The numerical method utilized for the simulation had a density based solver with implicit formulation, 2D domain geometry, absolute velocity formulation, and superficial
velocity for porous formulation. For this test, a simple solver and an external compressible flow model for the laminar was utilized. The greengauss cell based was used for the gradient option. There are different equations used for flow, laminar, species, and energy. A simple method was used for the pressurevelocity coupling. For the discretization, a standard pressure was used, and density, momentum and turbulent inetic energy were set to second order upwind.

Flow Analysis
The computational flow analysis is also performed for NACA 4420 profile. The four sections are considered for flow analysis at the blade from root to tip show in Table.3.
Section
Distance from hub (m)
Chord length (m)
1
2.95
1.651
2
5.275
1.348
3
8.375
0.9469
4
10.7
0.65
Table 3. Sections from hub
The maximum L/D ratio is achieved at 6Â° of angle of attack, for the average velocity of 20 m/sec. Hence the 2D airfoil sections are created for analysis in ANSYS FLUENT. The aerofoil profile with specific boundary is created in Creo and the computational flow analysis is performed in ANSYS FLUENT. A smart fine mesh is created for the flow area.

Geometry and Boundary conditions
Inlet velocity for the experiments and simulations is 10 m/sec. A fully laminar flow solution was used in ANSYS FLUENT, where linear laminar equations were used. A simple solver was utilized and the operating pressure was set to zero. Calculations were done for the linear region,
i.e. for angles of attack 5 degrees, due to greater reliability of both experimental and computed values in this region. The airfoil profile and boundary conditions are all created.
Fig.13 Meshing
Fig.14 Geometry with boundary condition
Fig.15 Velocity Plot 0Â° Angle of attack
Fig.16 Pressure Plot 0Â° Angle of attack
Fig.17 Velocity Plot 5Â° Angle of attack
Fig.18 Pressure Plot 5Â° Angle of attack
Fig.19 Velocity Plot 10Â° Angle of attack
Fig.20 Pressure Plot 10Â° Angle of attack
Fig.21 Velocity Plot 15Â° Angle of attack
Fig.22 Pressure Plot 15Â° Angle of attack


RESULTS AND DISCUSSION

In this paper a Horizontal axis wind turbine blade with NACA 4420 is designed and analysed for different angle of attack and at various sections.
The blade with constant angle of attack throughout the length is analyzed to find the maximum L/D ratio. This is done at angle of attack ranging from 0Â° to 15Â° for the velocity varies from 5 20 m/sec. The maximum L/D ratio is achieved at 6Â° of angle of attack, for the average velocity of 20 m/sec. It is found that blade with 6Â° angle of attack has the maximum L/D ratio.
The coefficient of Lift and drag is calculated for this NACA 4420 series for the angle of attack 0Â° to 20Â°. The coefficient of Lift increases with increase in Angle of attack up to 15Â°. After 15Â°, the coefficient of lift decreases and stall occurs at this angle of attack.
The lift force at various lengths from hub to tip is analyzed and it is cleared that lift force increases from hub to tip for all range of angle of attack. The lift force increases with increase in angle of attack up to 14Â° and it starts to decrease after 14Â°. The drag force begin of dominate beyond this angle of attack. The rate of increase in lift is more for angle of attack from 0Â° to 10Â° and between 10Â° to 15Â° the rise in lift force is less.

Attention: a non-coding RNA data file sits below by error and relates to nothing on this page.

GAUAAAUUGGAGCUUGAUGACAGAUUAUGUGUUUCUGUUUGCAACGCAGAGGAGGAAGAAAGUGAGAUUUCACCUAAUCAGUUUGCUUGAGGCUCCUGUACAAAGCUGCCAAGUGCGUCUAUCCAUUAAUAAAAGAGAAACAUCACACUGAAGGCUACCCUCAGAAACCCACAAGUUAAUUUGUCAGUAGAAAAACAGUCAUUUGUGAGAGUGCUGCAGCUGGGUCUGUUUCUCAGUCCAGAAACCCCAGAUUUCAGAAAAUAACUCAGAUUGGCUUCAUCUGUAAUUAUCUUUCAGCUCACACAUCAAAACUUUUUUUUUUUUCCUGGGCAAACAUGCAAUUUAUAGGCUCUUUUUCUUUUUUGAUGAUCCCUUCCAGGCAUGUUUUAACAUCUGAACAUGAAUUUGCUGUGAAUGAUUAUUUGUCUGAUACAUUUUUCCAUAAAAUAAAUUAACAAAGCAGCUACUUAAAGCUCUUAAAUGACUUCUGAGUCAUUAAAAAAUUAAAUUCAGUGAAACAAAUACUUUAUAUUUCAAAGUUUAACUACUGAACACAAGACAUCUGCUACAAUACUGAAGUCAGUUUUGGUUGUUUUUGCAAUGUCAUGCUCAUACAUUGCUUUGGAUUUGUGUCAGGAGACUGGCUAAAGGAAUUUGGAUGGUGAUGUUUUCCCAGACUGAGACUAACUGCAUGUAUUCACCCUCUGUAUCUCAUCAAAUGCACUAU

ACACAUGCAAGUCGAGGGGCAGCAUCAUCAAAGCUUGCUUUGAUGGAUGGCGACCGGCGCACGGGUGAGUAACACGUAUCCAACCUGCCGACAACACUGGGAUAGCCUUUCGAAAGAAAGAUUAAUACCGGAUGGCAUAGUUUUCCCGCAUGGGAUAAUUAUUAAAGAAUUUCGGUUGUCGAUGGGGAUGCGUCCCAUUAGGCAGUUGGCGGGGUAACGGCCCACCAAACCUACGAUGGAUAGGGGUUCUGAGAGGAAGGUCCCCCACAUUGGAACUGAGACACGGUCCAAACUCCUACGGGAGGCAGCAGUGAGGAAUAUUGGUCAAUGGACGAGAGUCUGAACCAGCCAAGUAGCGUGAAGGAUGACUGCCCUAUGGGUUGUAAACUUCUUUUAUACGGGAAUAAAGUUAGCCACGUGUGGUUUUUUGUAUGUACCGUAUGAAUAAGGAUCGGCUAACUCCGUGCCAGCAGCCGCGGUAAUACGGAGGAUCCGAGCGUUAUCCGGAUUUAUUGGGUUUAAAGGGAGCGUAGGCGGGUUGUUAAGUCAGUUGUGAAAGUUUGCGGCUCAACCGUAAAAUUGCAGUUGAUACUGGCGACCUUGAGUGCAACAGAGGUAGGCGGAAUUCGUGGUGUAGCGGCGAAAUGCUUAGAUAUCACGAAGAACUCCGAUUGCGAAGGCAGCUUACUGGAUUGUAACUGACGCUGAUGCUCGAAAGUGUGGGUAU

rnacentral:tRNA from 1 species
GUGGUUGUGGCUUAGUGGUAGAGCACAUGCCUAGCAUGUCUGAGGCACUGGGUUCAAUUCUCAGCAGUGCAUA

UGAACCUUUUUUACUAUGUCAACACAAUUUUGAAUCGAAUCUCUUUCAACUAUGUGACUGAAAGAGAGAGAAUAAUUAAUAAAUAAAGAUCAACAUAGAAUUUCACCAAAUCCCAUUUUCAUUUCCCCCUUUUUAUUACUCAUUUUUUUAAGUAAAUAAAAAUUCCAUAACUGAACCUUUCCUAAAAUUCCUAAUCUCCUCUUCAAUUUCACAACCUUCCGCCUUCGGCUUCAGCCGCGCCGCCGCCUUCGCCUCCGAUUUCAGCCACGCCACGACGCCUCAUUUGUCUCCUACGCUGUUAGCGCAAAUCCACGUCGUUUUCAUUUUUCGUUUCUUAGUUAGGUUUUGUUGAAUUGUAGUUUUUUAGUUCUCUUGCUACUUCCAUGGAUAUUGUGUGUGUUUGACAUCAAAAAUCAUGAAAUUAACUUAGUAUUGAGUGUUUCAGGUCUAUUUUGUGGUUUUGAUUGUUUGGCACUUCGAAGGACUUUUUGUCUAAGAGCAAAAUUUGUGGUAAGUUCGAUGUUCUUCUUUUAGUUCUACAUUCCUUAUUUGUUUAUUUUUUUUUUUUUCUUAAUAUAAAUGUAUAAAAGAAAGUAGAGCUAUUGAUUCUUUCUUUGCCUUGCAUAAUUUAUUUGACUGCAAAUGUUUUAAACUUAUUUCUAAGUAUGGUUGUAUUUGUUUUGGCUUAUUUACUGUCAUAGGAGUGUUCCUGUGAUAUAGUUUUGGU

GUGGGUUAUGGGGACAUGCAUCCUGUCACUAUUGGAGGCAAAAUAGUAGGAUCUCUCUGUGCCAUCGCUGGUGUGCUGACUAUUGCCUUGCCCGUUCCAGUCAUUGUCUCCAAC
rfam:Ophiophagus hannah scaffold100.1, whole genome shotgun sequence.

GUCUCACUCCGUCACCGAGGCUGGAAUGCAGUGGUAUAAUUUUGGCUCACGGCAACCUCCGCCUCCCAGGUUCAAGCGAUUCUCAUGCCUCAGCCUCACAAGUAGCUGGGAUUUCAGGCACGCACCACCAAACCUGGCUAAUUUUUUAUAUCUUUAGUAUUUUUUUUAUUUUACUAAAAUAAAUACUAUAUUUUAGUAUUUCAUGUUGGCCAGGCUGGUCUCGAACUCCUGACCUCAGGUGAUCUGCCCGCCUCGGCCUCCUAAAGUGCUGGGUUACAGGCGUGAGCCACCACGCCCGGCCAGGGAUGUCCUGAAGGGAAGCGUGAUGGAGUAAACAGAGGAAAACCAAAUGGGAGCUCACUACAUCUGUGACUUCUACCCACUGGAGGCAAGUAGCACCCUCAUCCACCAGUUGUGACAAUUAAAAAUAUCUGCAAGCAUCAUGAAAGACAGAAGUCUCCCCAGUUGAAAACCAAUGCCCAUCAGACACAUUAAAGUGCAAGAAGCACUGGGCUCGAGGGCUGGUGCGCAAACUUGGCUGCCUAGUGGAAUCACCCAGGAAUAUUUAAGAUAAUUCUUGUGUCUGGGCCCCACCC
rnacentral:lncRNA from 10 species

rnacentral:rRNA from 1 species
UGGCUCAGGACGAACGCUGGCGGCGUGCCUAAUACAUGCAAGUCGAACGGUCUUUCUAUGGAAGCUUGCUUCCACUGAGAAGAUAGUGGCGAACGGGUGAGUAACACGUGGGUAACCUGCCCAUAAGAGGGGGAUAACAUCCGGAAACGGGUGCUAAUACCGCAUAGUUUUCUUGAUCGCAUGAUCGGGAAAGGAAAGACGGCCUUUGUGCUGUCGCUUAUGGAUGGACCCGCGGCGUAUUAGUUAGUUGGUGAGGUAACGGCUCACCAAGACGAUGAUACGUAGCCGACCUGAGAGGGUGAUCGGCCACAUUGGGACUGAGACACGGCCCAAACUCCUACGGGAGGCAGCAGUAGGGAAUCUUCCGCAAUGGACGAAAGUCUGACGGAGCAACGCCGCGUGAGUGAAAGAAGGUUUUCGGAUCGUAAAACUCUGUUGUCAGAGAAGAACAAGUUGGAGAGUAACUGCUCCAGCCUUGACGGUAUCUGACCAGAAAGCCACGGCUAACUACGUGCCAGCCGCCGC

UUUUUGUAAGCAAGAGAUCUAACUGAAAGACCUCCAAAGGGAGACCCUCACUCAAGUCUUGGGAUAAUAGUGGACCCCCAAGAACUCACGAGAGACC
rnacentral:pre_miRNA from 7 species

But the drag force increases with increase in angle of attack from hub to tip. The rate of increase in drag increase gradually unlike the rate of increase in lift from 0Â° to 16Â° of angle of attack and between 10Â° to 15Â° the rise in lift force is less.
The CFD analysis also carried out using ANSYS FLUENT software. The velocity and pressure distribution at various angles of attack of the blade is shown in Fig. 1522. These results are coinciding with the wind tunnel experimental values. Hence the results are validated with the experimental work is shown in Fig.712.
The results demonstrate the pressure distribution over the airfoil. The pressure on the lower surface of the airfoil is greater than that of the incoming flow stream and as a result of that it effectively pushes the airfoil upward, normal to the incoming flow stream. On the other hand, the components of the pressure distribution parallel to the incoming flow stream tend to slow the velocity of the incoming flow relative to the airfoil, as do the viscous stresses.
It could be observed that the upper surface on the airfoil experiences a higher velocity compared to the lower surface. By increasing the velocity at higher Mach numbers there would be a shock wave on the upper surface that could cause discontinuity.
ACKNOWLEDGEMENT
The authors wish to thank Maharaja Sayajirao University of Baroda, Kalabhavan, Baroda, Gujarat, India for granting permission to carry out this work. The valuable suggestions of Prof. Arvind Mohite, is gratefully acknowledged.
REFERENCES

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Ryoichi Samuel Amano and Ryan Malloy Horizontal Axis Wind Turbine Blade Design 2009
Nomenclature
A – Swept area of rotor – Angle of attack
CD – Drag coefficient CL – Lift coefficient D – Drag force
L – Lift force
N – RPM of the rotor
P – Power developed by rotor r – Radius of rotor
R – Resultant force acting on aerofoil V – Free stream velocity
VT – Tangential velocity VR Resultant Velocity – Angular Velocity
Subscripts
D – Drag
L – Lift
rel – relative